Post-translational modification of proteins with ubiquitin plays a role in most biological processes. The key players of this system are the E3 ubiquitin ligases, which mediate substrate specific covalent attachment of ubiquitin. The SCF ubiquitin ligases are amongst best-understood E3 complexes. They are composed of Skp1, Cdc53/Cullin, Rbx1, and one of the multiple F-box proteins, which bind substrates and confer specificity to this complex. As these modular ligases share the same core components but differ in the identity of F-box proteins, the repertoire of SCF ligases present in a cell at any given time is thus governed by the abundance of different F-box proteins. Regulating F-box protein abundance is thus essential for normal cellular function and misregulation causes human diseases. In the studies presented here, we describe a novel mechanism governing maintenance of F-box protein homeostasis.
In the absence of substrates, the core SCF ligase ubiquitylates its F-box protein and targets it for degradation. Using the yeast F-box protein Met30 as a model system, we demonstrate presence of an additional mechanism for F-box protein degradation apart from autoubiquitylation. This pathway targets F-box proteins that are dissociated from Skp1, and plays a crucial role in limiting substrate shielding effects caused by association of excess F-box proteins with their substrates thereby inhibiting substrate recognition by fully assembled ligases. Characterization of this pathway shows that it is governed by the ubiquitin proteasome system and is mediated by a ligase dependent on Cdc53 but independent of Skp1 and for the first time illustrates uncoupling of Cdc53 and Skp1 function in yeast.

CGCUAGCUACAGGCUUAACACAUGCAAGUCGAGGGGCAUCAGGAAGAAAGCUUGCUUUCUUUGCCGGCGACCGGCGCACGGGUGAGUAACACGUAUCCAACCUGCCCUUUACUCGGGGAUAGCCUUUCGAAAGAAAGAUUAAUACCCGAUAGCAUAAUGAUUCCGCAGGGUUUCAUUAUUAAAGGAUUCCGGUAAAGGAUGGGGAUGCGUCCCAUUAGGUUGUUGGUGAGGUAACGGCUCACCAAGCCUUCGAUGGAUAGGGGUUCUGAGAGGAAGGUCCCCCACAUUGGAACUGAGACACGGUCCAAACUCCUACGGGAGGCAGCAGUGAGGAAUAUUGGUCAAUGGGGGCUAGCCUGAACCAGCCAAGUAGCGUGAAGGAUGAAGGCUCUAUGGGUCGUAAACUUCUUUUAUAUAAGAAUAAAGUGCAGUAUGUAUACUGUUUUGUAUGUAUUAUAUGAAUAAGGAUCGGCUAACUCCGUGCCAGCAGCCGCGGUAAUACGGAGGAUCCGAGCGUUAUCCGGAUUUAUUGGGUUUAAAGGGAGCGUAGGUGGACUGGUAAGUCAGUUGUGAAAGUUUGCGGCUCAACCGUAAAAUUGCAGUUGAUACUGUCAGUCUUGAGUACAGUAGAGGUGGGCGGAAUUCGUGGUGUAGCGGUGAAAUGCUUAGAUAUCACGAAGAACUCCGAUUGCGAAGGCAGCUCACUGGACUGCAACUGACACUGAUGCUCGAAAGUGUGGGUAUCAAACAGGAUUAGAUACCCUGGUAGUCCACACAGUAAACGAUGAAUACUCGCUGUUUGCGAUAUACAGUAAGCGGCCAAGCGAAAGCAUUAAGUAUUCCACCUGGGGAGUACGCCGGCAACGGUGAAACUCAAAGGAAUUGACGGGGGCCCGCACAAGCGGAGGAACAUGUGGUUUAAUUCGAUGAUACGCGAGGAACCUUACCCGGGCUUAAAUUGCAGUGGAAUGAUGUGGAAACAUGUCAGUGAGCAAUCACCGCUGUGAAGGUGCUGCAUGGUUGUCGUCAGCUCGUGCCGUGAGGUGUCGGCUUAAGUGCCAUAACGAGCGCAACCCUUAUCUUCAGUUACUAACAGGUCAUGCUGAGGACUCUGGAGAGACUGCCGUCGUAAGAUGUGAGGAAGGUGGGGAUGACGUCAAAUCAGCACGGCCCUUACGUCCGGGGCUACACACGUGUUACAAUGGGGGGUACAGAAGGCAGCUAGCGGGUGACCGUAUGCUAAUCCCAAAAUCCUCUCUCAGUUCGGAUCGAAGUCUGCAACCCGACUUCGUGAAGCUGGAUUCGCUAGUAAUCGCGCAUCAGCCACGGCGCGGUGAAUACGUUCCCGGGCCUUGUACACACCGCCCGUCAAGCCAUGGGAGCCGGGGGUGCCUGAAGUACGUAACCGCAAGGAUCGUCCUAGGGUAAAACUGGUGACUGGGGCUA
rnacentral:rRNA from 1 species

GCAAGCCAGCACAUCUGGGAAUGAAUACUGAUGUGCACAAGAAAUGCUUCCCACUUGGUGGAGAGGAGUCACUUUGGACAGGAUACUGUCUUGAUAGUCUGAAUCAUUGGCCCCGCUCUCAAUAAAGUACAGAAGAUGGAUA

Furthermore, we show that Cic1 and the AAA ATPase Cdc48, along with its substrate recruiting factors Npl4/Ufd1 are involved in this mechanism of F-box protein degradation. Preliminary studies conducted to ascribe a role for these proteins in this process, suggest Cic1 as a unique factor that recruits ubiquitylated F-box proteins to Cdc48/Npl4/Ufd1 for targeting to proteasome for degradation.
Together, our findings shed light on the complexity of the ubiquitin system. They uncover a novel degradation pathway, suggest existence of yet unknown types of ligases, and introduce the concept of protein specificity factors for Cdc48.